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  Reno County Geohydrology

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Table of Contents

Abstract

Introduction

Geography

General Geology

Ground Water
  Principles of Occurrence
  Water Table
  Recovery
  Utilization
  Chemistry

Geologic Formations

Cross Sections

Logs of wells

References

Plates

 

Ground Water, continued

Recovery

Principles of Recovery

When water is pumped from a well, a difference of head exists between the water in the well and the water outside the well for some distance from the well. The water table for some distance surrounding the well develops a cone of depression (Fig. 15). In any given well, the greater the rate of pumping, the greater the drawdown in the well and throughout the cone of depression. The character and thickness of the water-bearing materials have a direct bearing on the yield and drawdown of a well. Inasmuch as the specific capacity of a well is defined as the yield in gallons a minute per foot of drawdown, the character and thickness of the material surrounding a well have a direct bearing on its specific capacity. A well in coarse material will have a higher specific capacity than a well in fine-grained, poorly sorted material.

Figure 15--Diagrammatic section of a well that is being pumped, showing its drawdown, cone of depression, and radius of influence.

schematic of pumping well

Types of Wells

Dug wells--Dug wells are excavated with pick and shovel or by machinery. Dug wells generally range in diameter from about 2 to 5 feet although they may have a larger diameter--for example, the well in Greensburg, Kiowa County, which has a diameter of 40 feet. Dug wells generally extend only a short distance below the water table.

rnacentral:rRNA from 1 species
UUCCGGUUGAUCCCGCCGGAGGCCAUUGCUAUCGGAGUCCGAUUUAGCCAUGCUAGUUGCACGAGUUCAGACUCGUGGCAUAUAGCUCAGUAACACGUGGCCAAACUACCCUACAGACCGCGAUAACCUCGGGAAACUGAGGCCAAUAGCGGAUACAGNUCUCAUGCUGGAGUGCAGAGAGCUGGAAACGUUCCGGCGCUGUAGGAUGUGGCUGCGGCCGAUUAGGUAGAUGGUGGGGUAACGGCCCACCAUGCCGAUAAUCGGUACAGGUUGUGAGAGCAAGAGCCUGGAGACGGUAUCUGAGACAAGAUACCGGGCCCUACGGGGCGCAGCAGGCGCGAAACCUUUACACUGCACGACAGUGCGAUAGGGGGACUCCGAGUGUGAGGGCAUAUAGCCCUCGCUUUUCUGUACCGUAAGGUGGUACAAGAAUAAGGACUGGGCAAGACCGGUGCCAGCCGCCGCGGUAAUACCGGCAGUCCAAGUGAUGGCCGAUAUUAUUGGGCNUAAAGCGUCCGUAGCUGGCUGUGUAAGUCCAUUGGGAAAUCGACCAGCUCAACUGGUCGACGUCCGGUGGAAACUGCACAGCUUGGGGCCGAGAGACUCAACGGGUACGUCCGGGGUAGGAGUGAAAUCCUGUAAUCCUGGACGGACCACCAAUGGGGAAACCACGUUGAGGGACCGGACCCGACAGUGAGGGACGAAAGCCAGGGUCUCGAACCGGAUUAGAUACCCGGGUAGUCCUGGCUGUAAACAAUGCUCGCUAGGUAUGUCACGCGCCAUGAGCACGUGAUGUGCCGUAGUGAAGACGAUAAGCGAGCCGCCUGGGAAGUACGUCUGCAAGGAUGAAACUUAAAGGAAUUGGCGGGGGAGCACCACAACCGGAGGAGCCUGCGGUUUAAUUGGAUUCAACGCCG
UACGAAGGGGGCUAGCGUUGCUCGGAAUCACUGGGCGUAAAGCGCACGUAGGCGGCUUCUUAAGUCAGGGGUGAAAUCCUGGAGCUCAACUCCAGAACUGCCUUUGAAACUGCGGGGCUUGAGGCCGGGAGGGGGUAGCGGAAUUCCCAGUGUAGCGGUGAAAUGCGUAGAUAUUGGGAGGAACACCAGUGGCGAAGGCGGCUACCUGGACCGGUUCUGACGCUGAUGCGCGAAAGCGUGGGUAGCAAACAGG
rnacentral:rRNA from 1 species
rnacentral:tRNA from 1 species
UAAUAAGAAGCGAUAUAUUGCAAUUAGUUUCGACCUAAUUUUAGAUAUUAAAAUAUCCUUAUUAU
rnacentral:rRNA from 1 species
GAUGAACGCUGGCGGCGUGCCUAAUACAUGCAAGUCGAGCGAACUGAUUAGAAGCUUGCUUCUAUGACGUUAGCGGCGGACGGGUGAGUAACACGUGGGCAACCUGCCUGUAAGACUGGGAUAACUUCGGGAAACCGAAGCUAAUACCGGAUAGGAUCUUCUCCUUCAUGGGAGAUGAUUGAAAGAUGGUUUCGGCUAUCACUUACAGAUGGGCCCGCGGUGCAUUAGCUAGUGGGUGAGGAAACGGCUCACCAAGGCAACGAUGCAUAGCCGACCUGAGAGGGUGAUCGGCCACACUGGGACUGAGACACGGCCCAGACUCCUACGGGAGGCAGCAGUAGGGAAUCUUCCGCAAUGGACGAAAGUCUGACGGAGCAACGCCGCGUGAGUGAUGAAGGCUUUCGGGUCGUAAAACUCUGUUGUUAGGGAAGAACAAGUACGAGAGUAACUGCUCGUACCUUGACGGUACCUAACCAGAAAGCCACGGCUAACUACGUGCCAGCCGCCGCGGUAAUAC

Bored wells--Bored wells are made by augers or post-hole diggers in unconsolidated materials and generally are made in areas where the water table is shallow. Many wells in Reno County are constructed by this method.

Driven wells--Driven wells are wells constructed in unconsolidated material by driving a 1 1/4- or 1 1/2-inch pipe, equipped at the bottom with a screened drive point, below the water table. Wells generally can be driven only where the water-bearing material is sufficiently permeable to permit water to flow freely into the pipe, where the material is unconsolidated enough to permit a pipe to be driven, and where the depth to the water is not more than 20 feet or so below land surface. In Reno County where the depth to water exceeds 20 feet, the well generally is dug partway so that the distance from the pump cylinder, at the bottom of the dug part of the well, to the water table is less than 20 feet.

Drilled wells--Drilled wells are wells made by percussion or rotary machines and may be drilled either in consolidated or unconsolidated material. Generally, drilled wells in Reno County are 4 to 6 inches in diameter, but many public-supply wells and industrial wells are begun as holes 30 to 60 inches in diameter and finished as gravel-walled wells having a casing 12 to 20 inches in diameter. Most drilled wells in unconsolidated rocks are cased to the bottom of the well, the last few feet of casing being slotted to admit the water into the well. Wells in consolidated rocks generally have casing only to the top of the consolidated rock or in that part of the well that will not remain open without casing. Where large supplies of water are needed, the well should penetrate all the good water-bearing material, and the casing should be perforated so that water will enter the well as fast as the surrounding material will yield it.

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  Kansas Geological Survey, Reno County Geohydrology
Comments to webadmin@kgs.ku.edu
Web version Feb. 2001. Original publication date Aug. 1956.
URL=http://www.kgs.ku.edu/General/Geology/Reno/gw03.html